Home Lifestyle Traditions continue at this year’s Wurstfest

Traditions continue at this year’s Wurstfest

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Wurstfest was created in 1961 by Ed Grist, New Braunfels meat inspector at the time, in order to honor sausage. The annual festival is still thriving, 57 years later.
Photo by Kirby Crumpler | Staff Photographer

From bratwurst and schnitzel to bread pudding and lebkuchen, there is plenty of German fare to go around and surely a pitcher of hoppy amber beer waiting to be found at this year’s annual Wurstfest.

The 10-day salute to sausage has finally arrived as Wurstfest celebrates its 50th year at Landa Park in New Braunfels. The annual festival is Nov. 3-12.

The Bavarian bash has become a tradition for many Central Texas families.

Kim Widtfeldt attended the festival with her husband, daughter, son-in-law and grandson. All were dressed from head-to-toe in matching blue and white lederhosen and dirndls as they celebrated their fifth year participating in the festivities.

“We come (to) the opening day every year,” Widtfeldt said. “Plus it is always around our anniversary, so this is how we celebrate.”

Wurstfest offers families a taste of German cuisine and beer while they enjoy face painting and shopping through different art installations and German stores.

Two Texas State alumnae, Lois Spomer and Macy Bucek, attended Wurstfest for the seventh year together. The friends first attended the festival while they were students at Texas State and are continuing the tradition now that they live in New Braunfels.

“It’s the best time of the year,” Bucek said. “Every year we try to come every single day of the whole festival.”

Wurstfest fashion is about as abundant as the taps of beer, making it a beloved tradition of frequent attendees. Spomer and Bucek were not the only partygoers dressed in dirndls, hair braided into pigtails and ears of corn painted on their cheeks.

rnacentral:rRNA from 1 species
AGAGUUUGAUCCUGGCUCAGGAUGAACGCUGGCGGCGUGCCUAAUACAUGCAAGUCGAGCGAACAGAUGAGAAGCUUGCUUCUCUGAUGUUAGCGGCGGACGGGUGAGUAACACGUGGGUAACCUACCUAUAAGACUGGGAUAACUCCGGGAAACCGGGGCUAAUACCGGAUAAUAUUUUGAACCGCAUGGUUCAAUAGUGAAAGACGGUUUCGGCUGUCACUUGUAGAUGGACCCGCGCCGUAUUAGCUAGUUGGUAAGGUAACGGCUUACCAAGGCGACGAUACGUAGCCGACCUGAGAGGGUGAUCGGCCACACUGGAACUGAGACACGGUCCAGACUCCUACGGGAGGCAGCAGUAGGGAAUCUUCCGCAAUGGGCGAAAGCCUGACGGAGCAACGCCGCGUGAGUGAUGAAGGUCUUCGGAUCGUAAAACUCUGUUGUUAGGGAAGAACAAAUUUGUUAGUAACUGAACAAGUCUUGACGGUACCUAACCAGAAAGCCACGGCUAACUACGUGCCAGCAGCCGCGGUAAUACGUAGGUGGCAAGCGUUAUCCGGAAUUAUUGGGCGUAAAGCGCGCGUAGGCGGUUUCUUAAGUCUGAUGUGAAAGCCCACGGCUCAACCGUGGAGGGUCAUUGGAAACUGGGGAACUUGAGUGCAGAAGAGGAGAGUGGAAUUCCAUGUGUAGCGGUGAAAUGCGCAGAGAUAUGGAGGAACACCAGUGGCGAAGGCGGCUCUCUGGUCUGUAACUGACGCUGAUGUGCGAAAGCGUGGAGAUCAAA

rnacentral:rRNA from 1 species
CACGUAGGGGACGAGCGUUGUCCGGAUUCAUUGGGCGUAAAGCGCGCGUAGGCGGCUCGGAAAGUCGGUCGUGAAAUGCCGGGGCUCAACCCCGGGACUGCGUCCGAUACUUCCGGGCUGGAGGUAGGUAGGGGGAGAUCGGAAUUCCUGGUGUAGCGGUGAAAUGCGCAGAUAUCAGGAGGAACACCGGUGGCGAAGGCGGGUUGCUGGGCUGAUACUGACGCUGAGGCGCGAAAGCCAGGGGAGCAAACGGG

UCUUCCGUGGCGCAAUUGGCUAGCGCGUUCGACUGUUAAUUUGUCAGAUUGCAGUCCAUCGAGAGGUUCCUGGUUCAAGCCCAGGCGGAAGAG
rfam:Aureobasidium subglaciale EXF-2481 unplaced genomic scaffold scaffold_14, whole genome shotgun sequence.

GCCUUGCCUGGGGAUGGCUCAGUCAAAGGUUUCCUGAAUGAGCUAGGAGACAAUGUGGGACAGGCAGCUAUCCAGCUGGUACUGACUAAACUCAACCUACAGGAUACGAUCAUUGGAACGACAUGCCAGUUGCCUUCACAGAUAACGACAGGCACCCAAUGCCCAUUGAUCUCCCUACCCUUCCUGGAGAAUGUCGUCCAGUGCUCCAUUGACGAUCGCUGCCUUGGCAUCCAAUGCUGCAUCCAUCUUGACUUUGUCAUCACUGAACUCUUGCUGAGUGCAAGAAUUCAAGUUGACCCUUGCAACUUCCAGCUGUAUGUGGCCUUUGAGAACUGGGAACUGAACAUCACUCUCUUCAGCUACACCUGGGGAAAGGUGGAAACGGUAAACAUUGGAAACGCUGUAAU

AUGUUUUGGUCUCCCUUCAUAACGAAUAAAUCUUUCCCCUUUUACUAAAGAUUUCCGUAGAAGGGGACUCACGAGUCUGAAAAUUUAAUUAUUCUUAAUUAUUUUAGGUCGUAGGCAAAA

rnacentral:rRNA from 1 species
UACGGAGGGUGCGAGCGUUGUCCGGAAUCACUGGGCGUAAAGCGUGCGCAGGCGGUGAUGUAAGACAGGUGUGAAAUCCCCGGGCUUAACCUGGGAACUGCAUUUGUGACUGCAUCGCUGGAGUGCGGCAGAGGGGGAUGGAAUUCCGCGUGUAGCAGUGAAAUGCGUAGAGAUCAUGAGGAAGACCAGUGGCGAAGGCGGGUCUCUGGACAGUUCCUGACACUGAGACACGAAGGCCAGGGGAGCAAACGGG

“I don’t dress up for Halloween, but I dress up for Wurstfest,” Spomer said.

One Wurstfest attendee, Andy Burge, wore lederhosen like many others, but his pristinely twisted mustache and moving, stuffed chicken, Brunhilda, are what caught the attention of many passersby. Burge said he developed an appreciation for German culture after living in Germany for over five years while serving in the military.

Burge, known to visiting children as Mr. Whiskers, first attended the bash in 1970 and acquired Brunhilda a few years later. She has accompanied him to the festival ever since, bringing wonder and laughs to her onlookers.

“The people are my favorite thing about the festival,” Burge said. “They are fun to watch because everyone is having such a good time.”

Spinning carnival rides mesmerize the strong-stomached while other attendees sing and dance to the performances of German bands, orchestras and yodelers. Elderly couples can be found attempting the polka or waltz as others join conga lines or clap to the beat of the music.

Wurstfest is situated on the banks of the Comal River in New Braunfels, creating an enchanting atmosphere for people to take a break from the music and dancing. Guests can be found dangling their feet over the edge of the river or laying on the hillside stargazing.

Jenny Hall and her date sat near the river exchanging laughs as they shared a sausage on a stick and a turkey leg. They had driven down to Wurstfest from Austin for a fun and unique night out.

“I have always wanted to go to Oktoberfest in Germany and I think Wurstfest is the closest way to experience that,” Hall said.

Celebrating the rich roots of German culture in New Braunfels through craft beer, food and live music is a beloved tradition for all.

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